A 2010 Pew survey showed that more than 70 percent of people in China, India and South Korea were willing to pay more for energy in order to address climate change. The number in the United States was 38 percent.
Sea level Rise:
According to the Union of Concerned Scientists, Sea level rise from 1880-2013 averged 8 inches. It ranged from 46 in in Grand Isle, LA to 4 in in Los Angeles.
See Sea Level Rise and Global Warming | Union of Concerned Scientists 2013
See: Glossary here
- Anthropogenic - derived from human activities.
- AR4 4th Assessment Report from IPCC, 2007
- Carbon sequestration - the process through which plant life removes CO2 from the atmosphere and stores it in biomass.
See Sequestration below.
- CCS - Carbon Capture and Sequestration
- Climate - Generalized statement of the prevailing weather conditions at a given place.
based on statistics of a long period of time.
- Climate Disruption - Unwanted and unnatural climate change
See From Global Warming to Global Climate Disruption | Scientific Alliance
- ECO - Ecological - e.g. eco-justice, eco-climate,
- ecoclimate - climate as an influence on ecological issues
- EIA - Energy Information Administration
- GCM - general circulation model
- Geologic sequestration - a chain of activities that result in collection and transport of concentrated CO2 gas from large emission sources, such as power plants, and subsequent injection into deep underground reservoirs.
- GISS or GISSTEMP - Goddard Institute for Space Studies
- HadCRUT - Hadley Center for Climate Prediction and Research
IPCC - Intergovernmental Panel on Climate Change's
- RF - Radiative forcing - the change in net irradiance (solar plus longwave) at the tropospause. See Greenhouse gases.
- Sequestration - Capturing CO2 and putting it somewhere where it won't be released into the atmosphere.
- UAH - University of Alabama Huntsville
- Weather - The condition of the atmosphere during a brief period of time
A study published in Nature, Aug. 20, 2013, by a team of international researchers said that sea level increases of 8 to 16 inches by 2050 could cause about $60 billion in damages in 136 of the world\0xFFFDs coastal cities.
Cities whose infrastructure and buildings are most at risk today \0xFFFD including New York City; New Orleans; Miami; Guangzhou, China; and Osaka, Japan \0xFFFD will be joined in another four decades by other rapidly growing cities, such as Ho Chi Minh City in Vietnam and Abidjan, Ivory Coast.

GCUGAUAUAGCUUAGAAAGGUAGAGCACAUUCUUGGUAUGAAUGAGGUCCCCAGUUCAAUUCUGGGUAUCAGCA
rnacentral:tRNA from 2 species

Cost between now and 2050 (Billions)
1. Guangzhou, China $13.2
2: Mumbai, India $6.4
3: Kolkata, India $3.3
4: Guayaquil, Ecuador $3.1
5: Shenzhen, China $3.1
6: Miami $2.5
7: Tianjin, China $2.2
8: New York City &
Newark, New Jersey $2.0
9: Ho Chi Minh City, Vietnam $1.9
10: New Orleans $1.8
Positive feedback loops enhance or amplify changes; this tends to move a system away from its equilibrium state and make it more unstable. Negative feedbacks tend to dampen or buffer changes; this tends to hold a system to some equilibrium state making it more stable.
Positive and Negative Feedback Loops | YouTube | Paul Andersen
There are a lot of positive feedback loops with climate change.
This can lead to an exponential increase in warming.
Global Warming Positive Feedback:
Warming is detrimental to trees which are carbon sinks (Trees use CO2 in phothensis) and take it out of the atmosphere.
Climate change feedback - Wikipedia
- Warming is dangerous to trees:
1. They are more subject to disease (e.g. pine bark beetles) which kill them.
2. More dry and dead trees are more prone to forest fires which release CO2
Warming causes loss of permafrost. As it melts Methane stored below is released.
Oceans are an important sink for CO2
through absorption of the gas into the
As oceans warm their ability to remove CO2 from the
See also Cities have the most to lose from rising sea levels between now and 2050. Washington Post, Aug. 20, 2013
This seems pretty small, considering that hurricane Sandy cost NY city and NJ almost $60 billion alone.
I couldn't find data on how much of Sandy damage was due to flooding and how much from wind. And given the 14 ft storm surge in New York harbor, how much of the damage was due to the 20 inches of sea level rise on the NJ shore since 1880 and how much more damage will another foot of sea level rise cause?
See Sea Level Rise and Global Warming | Union of Concerned Scientists 2013
The sea level rise from 1880 to 2013 ranges from 4 in in Los Angeles to 4 ft. Grand Isle, LA. The rate of local sea level rise varies depending on both global and local factors, including currents,ocean \0xFFFDoor topography,